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Assessing the impact of deforestation of the Atlantic rainforest on ant-fruit interactions: a field experiment using synthetic fruits.

Bieber AG, Silva PS, Sendoya SF, Oliveira PS - PLoS ONE (2014)

Bottom Line: Large species (≥3 mm) of Pheidole (Myrmicinae), also able to remove fruits, did not differ between forest types.Moreover, displacement distances were also greater in the undisturbed forests.Together with the severe loss of their primary dispersers in human-disturbed tropical forest sites, vertebrate-dispersed fruits may also be deprived of potential ant-derived benefits in these habitats due to shifts in the composition of interacting ant species.

View Article: PubMed Central - PubMed

Affiliation: Programa de Pós-Graduação em Ecologia, Instituto de Biologia, Universidade Estadual de Campinas, Campinas SP, Brazil.

ABSTRACT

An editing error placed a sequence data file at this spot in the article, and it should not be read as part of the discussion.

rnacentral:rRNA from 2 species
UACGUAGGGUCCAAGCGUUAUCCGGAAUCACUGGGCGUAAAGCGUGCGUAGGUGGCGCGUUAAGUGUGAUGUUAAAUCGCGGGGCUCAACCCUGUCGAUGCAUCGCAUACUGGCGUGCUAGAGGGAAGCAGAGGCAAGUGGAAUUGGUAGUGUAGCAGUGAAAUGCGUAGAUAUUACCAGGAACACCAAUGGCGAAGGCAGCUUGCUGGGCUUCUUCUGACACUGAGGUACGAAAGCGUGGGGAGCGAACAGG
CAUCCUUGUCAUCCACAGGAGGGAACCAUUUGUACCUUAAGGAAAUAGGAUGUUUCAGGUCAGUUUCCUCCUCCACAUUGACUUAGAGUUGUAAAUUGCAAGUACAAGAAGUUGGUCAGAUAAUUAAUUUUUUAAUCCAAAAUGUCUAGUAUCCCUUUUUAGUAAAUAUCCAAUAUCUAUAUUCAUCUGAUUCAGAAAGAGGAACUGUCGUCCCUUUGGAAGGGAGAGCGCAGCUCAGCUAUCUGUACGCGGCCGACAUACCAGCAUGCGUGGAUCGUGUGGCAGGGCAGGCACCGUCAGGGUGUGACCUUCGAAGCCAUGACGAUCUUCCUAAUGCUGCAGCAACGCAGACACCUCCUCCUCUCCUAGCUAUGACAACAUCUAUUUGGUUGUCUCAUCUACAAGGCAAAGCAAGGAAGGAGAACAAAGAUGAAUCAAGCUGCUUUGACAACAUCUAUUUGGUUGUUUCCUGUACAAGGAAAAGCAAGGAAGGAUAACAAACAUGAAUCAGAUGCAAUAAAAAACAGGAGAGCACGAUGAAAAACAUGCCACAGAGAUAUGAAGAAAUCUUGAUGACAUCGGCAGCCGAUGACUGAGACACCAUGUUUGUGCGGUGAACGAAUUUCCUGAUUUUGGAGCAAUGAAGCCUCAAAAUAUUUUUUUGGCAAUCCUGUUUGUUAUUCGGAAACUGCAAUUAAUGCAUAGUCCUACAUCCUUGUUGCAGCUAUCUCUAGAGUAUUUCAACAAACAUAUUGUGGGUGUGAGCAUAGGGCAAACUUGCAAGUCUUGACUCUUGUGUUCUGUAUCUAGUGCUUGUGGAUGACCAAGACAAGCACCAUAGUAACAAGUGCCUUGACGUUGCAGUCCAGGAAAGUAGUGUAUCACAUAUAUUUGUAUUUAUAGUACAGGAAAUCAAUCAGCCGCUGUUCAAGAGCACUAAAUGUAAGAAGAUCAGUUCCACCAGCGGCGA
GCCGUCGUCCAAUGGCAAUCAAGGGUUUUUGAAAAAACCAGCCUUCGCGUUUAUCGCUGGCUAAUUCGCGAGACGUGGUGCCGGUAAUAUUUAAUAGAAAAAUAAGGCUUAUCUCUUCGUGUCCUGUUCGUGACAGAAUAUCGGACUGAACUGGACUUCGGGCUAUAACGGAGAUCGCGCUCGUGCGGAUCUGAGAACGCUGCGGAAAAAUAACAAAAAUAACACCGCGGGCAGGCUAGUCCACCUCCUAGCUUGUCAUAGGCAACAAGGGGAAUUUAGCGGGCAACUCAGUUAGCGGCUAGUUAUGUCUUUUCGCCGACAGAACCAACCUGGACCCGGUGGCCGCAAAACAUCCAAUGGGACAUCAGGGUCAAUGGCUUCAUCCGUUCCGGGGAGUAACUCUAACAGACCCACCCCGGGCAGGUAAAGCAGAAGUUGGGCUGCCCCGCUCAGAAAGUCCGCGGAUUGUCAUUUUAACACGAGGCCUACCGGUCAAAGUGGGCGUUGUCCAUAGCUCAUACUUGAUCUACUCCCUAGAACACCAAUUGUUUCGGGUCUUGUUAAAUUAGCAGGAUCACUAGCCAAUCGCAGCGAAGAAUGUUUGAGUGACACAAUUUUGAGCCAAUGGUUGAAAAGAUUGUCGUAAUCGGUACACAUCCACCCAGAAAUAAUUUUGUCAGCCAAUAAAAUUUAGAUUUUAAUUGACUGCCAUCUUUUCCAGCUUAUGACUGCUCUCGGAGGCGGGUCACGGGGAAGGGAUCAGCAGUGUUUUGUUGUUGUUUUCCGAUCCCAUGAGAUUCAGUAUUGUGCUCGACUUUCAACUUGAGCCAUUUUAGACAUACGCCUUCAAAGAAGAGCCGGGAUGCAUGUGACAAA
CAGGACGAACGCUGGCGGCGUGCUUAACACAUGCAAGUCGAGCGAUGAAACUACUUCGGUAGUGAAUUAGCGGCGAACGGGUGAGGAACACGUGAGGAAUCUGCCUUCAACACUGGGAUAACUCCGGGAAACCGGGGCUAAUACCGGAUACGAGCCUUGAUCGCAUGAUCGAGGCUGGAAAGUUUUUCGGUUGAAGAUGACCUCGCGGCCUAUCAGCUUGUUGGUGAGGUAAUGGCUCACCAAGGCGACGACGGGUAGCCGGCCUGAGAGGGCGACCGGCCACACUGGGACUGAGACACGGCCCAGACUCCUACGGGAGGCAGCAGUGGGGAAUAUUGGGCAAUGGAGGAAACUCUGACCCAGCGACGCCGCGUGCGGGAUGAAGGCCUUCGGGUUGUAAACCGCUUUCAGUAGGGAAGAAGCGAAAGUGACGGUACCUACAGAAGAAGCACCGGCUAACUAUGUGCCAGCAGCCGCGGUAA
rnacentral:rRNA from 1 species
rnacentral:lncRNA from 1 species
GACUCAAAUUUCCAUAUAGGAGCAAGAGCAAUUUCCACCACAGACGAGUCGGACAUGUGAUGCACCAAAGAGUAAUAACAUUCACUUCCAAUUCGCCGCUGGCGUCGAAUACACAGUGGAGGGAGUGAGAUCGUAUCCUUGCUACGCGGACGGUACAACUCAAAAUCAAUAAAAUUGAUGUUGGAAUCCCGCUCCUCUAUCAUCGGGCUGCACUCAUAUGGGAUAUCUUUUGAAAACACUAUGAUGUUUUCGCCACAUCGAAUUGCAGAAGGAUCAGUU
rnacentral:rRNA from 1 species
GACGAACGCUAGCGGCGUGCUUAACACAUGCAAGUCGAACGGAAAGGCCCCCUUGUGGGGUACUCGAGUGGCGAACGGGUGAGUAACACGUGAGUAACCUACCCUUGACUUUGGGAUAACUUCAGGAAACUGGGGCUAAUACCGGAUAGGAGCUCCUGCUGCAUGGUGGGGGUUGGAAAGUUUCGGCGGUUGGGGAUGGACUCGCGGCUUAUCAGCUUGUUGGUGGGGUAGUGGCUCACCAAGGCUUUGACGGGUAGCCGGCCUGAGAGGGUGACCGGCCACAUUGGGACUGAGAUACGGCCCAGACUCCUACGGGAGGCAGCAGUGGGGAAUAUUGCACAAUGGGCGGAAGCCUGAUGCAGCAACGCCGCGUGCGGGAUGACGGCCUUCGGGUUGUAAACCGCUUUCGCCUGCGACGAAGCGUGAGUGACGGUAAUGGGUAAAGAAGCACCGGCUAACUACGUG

Ants frequently interact with fleshy fruits on the ground of tropical forests. This interaction is regarded as mutualistic because seeds benefit from enhanced germination and dispersal to nutrient-rich microsites, whereas ants benefit from consuming the nutritious pulp/aril. Considering that the process of deforestation affects many attributes of the ecosystem such as species abundance and composition, and interspecific interactions, we asked whether the interaction between ants and fallen fleshy fruits in the Brazilian Atlantic forest differs between human-created fragments and undisturbed forests. We controlled diaspore type and quantity by using synthetic fruits (a plastic 'seed' covered by a lipid-rich 'pulp'), which were comparable to lipid-rich fruits. Eight independent areas (four undisturbed forests, and four disturbed forest fragments) were used in the field experiment, in which we recorded the attracted ant species, ant behaviour, and fruit removal distance. Fruits in undisturbed forest sites attracted a higher number of species than those in disturbed forests. Moreover, the occurrence of large, fruit-carrying ponerine ants (Pachycondyla, Odontomachus; 1.1 to 1.4 cm) was higher in undisturbed forests. Large species (≥3 mm) of Pheidole (Myrmicinae), also able to remove fruits, did not differ between forest types. Following these changes in species occurrence, fruit displacement was more frequent in undisturbed than in disturbed forests. Moreover, displacement distances were also greater in the undisturbed forests. Our data suggest that fallen fleshy fruits interacting with ants face different fates depending on the conservation status of the forest. Together with the severe loss of their primary dispersers in human-disturbed tropical forest sites, vertebrate-dispersed fruits may also be deprived of potential ant-derived benefits in these habitats due to shifts in the composition of interacting ant species. Our data illustrate the use of synthetic fruits to better understand the ecology of ant-fruit interactions in variable ecological settings, including human-disturbed landscapes.